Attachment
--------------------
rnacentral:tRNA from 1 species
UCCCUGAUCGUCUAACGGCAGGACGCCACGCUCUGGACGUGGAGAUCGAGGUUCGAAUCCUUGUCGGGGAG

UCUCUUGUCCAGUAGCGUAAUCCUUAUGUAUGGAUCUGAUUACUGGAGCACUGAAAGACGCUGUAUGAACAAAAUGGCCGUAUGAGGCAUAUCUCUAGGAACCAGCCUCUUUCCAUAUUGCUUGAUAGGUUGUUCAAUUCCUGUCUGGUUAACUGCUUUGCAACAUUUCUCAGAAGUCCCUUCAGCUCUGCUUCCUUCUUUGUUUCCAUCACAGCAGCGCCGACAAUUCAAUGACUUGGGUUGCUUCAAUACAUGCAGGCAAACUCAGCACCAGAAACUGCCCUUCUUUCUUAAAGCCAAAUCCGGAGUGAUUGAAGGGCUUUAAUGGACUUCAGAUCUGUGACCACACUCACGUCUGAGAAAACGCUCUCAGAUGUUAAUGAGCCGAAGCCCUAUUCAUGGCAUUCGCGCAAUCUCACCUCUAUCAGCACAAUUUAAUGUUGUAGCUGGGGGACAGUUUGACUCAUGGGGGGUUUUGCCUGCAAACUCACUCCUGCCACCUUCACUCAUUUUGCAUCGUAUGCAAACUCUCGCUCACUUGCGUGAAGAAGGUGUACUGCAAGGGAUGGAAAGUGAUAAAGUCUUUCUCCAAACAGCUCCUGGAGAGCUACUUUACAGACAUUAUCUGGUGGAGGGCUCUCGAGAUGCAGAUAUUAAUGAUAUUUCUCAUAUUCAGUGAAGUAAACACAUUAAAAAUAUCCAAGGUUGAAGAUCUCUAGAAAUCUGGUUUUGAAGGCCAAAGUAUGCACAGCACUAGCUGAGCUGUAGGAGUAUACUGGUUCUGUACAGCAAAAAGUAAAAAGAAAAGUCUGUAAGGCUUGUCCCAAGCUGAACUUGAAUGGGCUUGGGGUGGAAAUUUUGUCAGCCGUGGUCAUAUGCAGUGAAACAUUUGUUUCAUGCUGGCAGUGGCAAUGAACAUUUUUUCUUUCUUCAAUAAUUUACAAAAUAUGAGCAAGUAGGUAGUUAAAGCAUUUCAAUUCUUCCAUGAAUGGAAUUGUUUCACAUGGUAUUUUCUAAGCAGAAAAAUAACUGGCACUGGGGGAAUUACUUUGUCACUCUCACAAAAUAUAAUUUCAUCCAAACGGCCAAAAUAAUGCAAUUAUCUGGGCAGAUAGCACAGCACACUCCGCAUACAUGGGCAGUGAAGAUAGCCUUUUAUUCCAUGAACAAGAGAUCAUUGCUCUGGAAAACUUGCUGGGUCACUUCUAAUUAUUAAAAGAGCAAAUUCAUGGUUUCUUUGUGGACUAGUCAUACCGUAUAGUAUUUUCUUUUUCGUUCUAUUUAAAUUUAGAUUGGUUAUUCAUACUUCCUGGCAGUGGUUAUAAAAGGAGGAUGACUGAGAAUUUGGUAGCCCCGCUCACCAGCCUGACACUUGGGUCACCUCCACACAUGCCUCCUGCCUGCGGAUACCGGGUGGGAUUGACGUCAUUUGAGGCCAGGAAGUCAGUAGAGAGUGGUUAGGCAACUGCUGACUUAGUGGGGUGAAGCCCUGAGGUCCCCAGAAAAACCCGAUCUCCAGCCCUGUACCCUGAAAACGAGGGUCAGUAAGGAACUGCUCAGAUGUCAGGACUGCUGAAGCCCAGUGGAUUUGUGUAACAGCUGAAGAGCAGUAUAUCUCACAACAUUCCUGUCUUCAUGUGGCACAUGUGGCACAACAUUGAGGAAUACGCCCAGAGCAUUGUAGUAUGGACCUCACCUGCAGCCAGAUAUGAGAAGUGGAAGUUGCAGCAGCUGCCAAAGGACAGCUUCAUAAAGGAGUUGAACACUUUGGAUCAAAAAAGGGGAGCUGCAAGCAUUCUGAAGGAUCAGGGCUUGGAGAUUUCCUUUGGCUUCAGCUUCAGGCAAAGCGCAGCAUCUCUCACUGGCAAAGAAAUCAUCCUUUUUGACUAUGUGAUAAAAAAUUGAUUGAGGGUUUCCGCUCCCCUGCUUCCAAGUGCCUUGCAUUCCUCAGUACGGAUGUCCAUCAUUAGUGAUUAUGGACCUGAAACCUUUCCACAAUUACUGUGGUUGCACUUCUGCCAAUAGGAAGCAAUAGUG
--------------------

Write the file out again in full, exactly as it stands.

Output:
rnacentral:tRNA from 1 species
UCCCUGAUCGUCUAACGGCAGGACGCCACGCUCUGGACGUGGAGAUCGAGGUUCGAAUCCUUGUCGGGGAG

UCUCUUGUCCAGUAGCGUAAUCCUUAUGUAUGGAUCUGAUUACUGGAGCACUGAAAGACGCUGUAUGAACAAAAUGGCCGUAUGAGGCAUAUCUCUAGGAACCAGCCUCUUUCCAUAUUGCUUGAUAGGUUGUUCAAUUCCUGUCUGGUUAACUGCUUUGCAACAUUUCUCAGAAGUCCCUUCAGCUCUGCUUCCUUCUUUGUUUCCAUCACAGCAGCGCCGACAAUUCAAUGACUUGGGUUGCUUCAAUACAUGCAGGCAAACUCAGCACCAGAAACUGCCCUUCUUUCUUAAAGCCAAAUCCGGAGUGAUUGAAGGGCUUUAAUGGACUUCAGAUCUGUGACCACACUCACGUCUGAGAAAACGCUCUCAGAUGUUAAUGAGCCGAAGCCCUAUUCAUGGCAUUCGCGCAAUCUCACCUCUAUCAGCACAAUUUAAUGUUGUAGCUGGGGGACAGUUUGACUCAUGGGGGGUUUUGCCUGCAAACUCACUCCUGCCACCUUCACUCAUUUUGCAUCGUAUGCAAACUCUCGCUCACUUGCGUGAAGAAGGUGUACUGCAAGGGAUGGAAAGUGAUAAAGUCUUUCUCCAAACAGCUCCUGGAGAGCUACUUUACAGACAUUAUCUGGUGGAGGGCUCUCGAGAUGCAGAUAUUAAUGAUAUUUCUCAUAUUCAGUGAAGUAAACACAUUAAAAAUAUCCAAGGUUGAAGAUCUCUAGAAAUCUGGUUUUGAAGGCCAAAGUAUGCACAGCACUAGCUGAGCUGUAGGAGUAUACUGGUUCUGUACAGCAAAAAGUAAAAAGAAAAGUCUGUAAGGCUUGUCCCAAGCUGAACUUGAAUGGGCUUGGGGUGGAAAUUUUGUCAGCCGUGGUCAUAUGCAGUGAAACAUUUGUUUCAUGCUGGCAGUGGCAAUGAACAUUUUUUCUUUCUUCAAUAAUUUACAAAAUAUGAGCAAGUAGGUAGUUAAAGCAUUUCAAUUCUUCCAUGAAUGGAAUUGUUUCACAUGGUAUUUUCUAAGCAGAAAAAUAACUGGCACUGGGGGAAUUACUUUGUCACUCUCACAAAAUAUAAUUUCAUCCAAACGGCCAAAAUAAUGCAAUUAUCUGGGCAGAUAGCACAGCACACUCCGCAUACAUGGGCAGUGAAGAUAGCCUUUUAUUCCAUGAACAAGAGAUCAUUGCUCUGGAAAACUUGCUGGGUCACUUCUAAUUAUUAAAAGAGCAAAUUCAUGGUUUCUUUGUGGACUAGUCAUACCGUAUAGUAUUUUCUUUUUCGUUCUAUUUAAAUUUAGAUUGGUUAUUCAUACUUCCUGGCAGUGGUUAUAAAAGGAGGAUGACUGAGAAUUUGGUAGCCCCGCUCACCAGCCUGACACUUGGGUCACCUCCACACAUGCCUCCUGCCUGCGGAUACCGGGUGGGAUUGACGUCAUUUGAGGCCAGGAAGUCAGUAGAGAGUGGUUAGGCAACUGCUGACUUAGUGGGGUGAAGCCCUGAGGUCCCCAGAAAAACCCGAUCUCCAGCCCUGUACCCUGAAAACGAGGGUCAGUAAGGAACUGCUCAGAUGUCAGGACUGCUGAAGCCCAGUGGAUUUGUGUAACAGCUGAAGAGCAGUAUAUCUCACAACAUUCCUGUCUUCAUGUGGCACAUGUGGCACAACAUUGAGGAAUACGCCCAGAGCAUUGUAGUAUGGACCUCACCUGCAGCCAGAUAUGAGAAGUGGAAGUUGCAGCAGCUGCCAAAGGACAGCUUCAUAAAGGAGUUGAACACUUUGGAUCAAAAAAGGGGAGCUGCAAGCAUUCUGAAGGAUCAGGGCUUGGAGAUUUCCUUUGGCUUCAGCUUCAGGCAAAGCGCAGCAUCUCUCACUGGCAAAGAAAUCAUCCUUUUUGACUAUGUGAUAAAAAAUUGAUUGAGGGUUUCCGCUCCCCUGCUUCCAAGUGCCUUGCAUUCCUCAGUACGGAUGUCCAUCAUUAGUGAUUAUGGACCUGAAACCUUUCCACAAUUACUGUGGUUGCACUUCUGCCAAUAGGAAGCAAUAGUG